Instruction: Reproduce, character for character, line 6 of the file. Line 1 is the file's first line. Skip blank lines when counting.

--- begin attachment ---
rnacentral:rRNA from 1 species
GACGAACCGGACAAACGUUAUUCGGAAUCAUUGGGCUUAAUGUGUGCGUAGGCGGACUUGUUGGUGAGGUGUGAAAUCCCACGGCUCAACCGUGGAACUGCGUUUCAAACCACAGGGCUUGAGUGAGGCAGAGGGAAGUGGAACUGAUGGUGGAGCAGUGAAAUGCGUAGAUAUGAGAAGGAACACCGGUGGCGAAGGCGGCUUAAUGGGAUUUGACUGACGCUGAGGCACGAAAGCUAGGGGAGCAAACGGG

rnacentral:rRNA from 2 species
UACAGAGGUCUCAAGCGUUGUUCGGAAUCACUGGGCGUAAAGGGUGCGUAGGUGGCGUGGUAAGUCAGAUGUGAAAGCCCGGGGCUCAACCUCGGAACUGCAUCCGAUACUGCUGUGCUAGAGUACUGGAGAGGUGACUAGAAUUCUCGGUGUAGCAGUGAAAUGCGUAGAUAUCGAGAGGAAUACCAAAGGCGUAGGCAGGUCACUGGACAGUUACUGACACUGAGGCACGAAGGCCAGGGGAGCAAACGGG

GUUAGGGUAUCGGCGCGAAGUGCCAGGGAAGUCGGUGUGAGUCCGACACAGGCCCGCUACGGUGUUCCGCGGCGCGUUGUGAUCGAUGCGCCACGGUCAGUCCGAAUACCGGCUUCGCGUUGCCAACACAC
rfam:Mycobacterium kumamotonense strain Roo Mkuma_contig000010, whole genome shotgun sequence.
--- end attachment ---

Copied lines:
rfam:Mycobacterium kumamotonense strain Roo Mkuma_contig000010, whole genome shotgun sequence.